Faculty Mentoring Program
The goal of the mentoring program is to foster an environment of communication, cooperation and collaboration that will benefit the school as an academic community. Mentoring brings value to the all the individuals involved; mentoring improves support for diversity, improves awareness of personal biases, assumptions and areas for improvement, and creates a culture of acceptance and inclusion.
The Earth Sciences mentoring program is a formal program within the school, open to all faculty, and is completely voluntary. Faculty can choose mentors from anyone on the list of potential mentors; they do not have to be in the same department or discipline.
Who gets a mentor?
Any faculty member in the school can request a mentor, but all junior faculty are strongly encouraged to select at least one mentor. Individuals can have more than one mentor (for career planning, for community building, for university knowledge, etc.). In addition to the self-selected mentor, all untenured faculty will be counseled by their department chair for purposes of reappointment/promotion issues. This role is distinct, but complementary to any other mentoring or counseling the junior faculty may be receiving.
Who can be a mentor?
Anyone who is part of the “professoriate” can be a mentor, and this includes senior lecturers, tenured and untenured faculty, faculty in the tenure-line and those not, consulting professors, etc. A list of volunteer mentors will be maintained by the Dean’s Office and made available on the school’s web site.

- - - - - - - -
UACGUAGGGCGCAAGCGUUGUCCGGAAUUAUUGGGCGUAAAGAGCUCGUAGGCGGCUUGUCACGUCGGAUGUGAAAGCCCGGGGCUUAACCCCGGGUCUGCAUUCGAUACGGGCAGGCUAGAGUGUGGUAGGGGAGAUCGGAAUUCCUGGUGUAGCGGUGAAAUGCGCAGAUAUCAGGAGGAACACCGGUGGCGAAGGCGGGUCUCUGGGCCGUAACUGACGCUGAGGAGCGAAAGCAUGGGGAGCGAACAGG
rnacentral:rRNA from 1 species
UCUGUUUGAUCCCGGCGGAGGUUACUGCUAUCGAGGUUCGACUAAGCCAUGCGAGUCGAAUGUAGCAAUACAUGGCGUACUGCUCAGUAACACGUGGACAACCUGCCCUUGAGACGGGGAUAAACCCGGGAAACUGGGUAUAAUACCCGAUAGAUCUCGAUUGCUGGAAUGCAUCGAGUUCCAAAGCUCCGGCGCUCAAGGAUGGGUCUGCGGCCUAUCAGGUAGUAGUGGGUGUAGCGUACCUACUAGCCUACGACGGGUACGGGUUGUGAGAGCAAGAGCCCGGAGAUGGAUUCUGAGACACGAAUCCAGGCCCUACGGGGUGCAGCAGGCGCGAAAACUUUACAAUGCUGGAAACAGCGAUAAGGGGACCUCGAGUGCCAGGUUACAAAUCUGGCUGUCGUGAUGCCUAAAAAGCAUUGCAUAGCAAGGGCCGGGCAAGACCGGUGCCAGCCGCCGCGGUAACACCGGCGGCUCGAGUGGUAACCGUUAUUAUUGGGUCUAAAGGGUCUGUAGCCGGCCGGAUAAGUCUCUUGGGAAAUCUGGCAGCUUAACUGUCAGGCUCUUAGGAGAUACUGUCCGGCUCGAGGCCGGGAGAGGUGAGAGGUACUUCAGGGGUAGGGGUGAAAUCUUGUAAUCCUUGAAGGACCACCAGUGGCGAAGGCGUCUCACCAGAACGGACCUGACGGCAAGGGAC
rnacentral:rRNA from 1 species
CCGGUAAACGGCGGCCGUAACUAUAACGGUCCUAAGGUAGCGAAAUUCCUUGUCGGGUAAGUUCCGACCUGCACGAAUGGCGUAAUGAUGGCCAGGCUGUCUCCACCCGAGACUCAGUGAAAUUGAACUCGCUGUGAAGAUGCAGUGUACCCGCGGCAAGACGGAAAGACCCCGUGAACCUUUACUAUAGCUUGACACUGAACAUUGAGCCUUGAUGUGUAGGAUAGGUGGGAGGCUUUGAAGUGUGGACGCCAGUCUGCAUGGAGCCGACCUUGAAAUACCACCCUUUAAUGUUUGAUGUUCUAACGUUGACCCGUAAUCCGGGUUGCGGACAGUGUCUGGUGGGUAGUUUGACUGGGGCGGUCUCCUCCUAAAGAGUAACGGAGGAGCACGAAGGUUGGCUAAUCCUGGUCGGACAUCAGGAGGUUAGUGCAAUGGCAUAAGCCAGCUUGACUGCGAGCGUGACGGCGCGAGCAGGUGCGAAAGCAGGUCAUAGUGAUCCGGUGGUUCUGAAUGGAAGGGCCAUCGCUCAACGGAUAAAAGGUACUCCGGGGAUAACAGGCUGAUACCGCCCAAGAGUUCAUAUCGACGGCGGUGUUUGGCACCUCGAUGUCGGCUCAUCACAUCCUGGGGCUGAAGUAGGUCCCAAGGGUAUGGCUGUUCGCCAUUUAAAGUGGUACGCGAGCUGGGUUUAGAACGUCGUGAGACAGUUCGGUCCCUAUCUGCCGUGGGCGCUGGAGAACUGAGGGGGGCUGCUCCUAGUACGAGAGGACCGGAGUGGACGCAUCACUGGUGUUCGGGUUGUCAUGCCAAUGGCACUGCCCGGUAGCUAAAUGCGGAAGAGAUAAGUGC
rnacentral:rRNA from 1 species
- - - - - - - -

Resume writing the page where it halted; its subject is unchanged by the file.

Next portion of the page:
All mentors will be given mentor training (including words of advice from the Provost, associate provosts, and faculty affairs personnel), and it is presumed that those who volunteer to serve in this capacity will be at Stanford for at least several years (i.e., visiting faculty who are here for only a short time should not sign up to be a mentor). In addition to formal training, informal relationship building amongst the mentor community will be fostered through occasional lunches and other gathe rings. This will help ensure that a strong safety net is being developed across the school and that “best practices” are developed and shared.
How are mentors selected?
Any faculty member wanting a mentor (the “mentee”) should refer to the list of possible mentors. Links to mentors’ curriculm vitaes are provided and mentees are encouraged to look through the list before making a selection. Once they have identified their potential mentor(s), the mentee should take action to contact that person, either by phone or email. Mentees should email the Associate Dean for Academic Affairs to report on who they have selected and has agreed to be their mentor. If, for some reason, the mentee encounters difficulty selecting or connecting with a mentor, he/she should contact the Associate Dean for Academic Affairs for assistance.
A word about the mentor/mentee relationship
Once the initial contact is made both the mentor and mentee should discuss and reach a clear understanding of what they expect from each other. They should agree on the frequency and duration, and they should decide whether or not the mentor will have an "open door" policy so as to be available for mentees at any time. It should be made clear that the mentor will not act as go-between for the mentee and the Chair regarding promotion, salary setting, etc.
Mentors cannot guarantee the happiness and work environment of mentees and they cannot make promises as to salary equity, access to resouces, etc., but they can offer support, encouragement and useful information.
The mentor/mentee pair should agree to a no-fault conclusion of the relationship if either party feels that the intended goal is not being achieved, without either blaming the other.
For more information about counseling and mentoring at Stanford, please refer to section 2.8.A of the Faculty Handbook.